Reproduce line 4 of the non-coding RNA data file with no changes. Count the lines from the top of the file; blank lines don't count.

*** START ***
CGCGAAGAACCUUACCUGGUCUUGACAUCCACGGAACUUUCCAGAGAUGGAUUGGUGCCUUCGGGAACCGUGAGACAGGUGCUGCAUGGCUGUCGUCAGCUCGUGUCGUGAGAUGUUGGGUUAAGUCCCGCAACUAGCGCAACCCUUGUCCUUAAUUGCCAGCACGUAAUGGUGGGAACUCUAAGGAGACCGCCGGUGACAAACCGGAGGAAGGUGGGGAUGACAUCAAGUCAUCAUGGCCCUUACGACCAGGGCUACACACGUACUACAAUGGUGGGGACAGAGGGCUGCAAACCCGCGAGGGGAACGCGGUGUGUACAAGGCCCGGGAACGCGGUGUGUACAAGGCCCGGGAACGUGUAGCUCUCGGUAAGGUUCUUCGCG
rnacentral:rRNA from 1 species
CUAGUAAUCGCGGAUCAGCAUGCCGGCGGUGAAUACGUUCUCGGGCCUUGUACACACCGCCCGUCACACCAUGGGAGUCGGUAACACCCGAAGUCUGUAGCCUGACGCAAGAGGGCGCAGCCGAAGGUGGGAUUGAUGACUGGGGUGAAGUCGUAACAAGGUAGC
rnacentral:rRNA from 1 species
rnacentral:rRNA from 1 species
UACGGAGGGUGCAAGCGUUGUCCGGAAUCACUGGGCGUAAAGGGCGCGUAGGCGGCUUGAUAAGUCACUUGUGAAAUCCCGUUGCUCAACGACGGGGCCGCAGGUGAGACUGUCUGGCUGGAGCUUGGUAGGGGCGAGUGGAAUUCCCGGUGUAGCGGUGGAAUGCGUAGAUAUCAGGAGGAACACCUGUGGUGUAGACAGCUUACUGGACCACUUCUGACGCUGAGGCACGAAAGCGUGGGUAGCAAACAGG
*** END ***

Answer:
rnacentral:rRNA from 1 species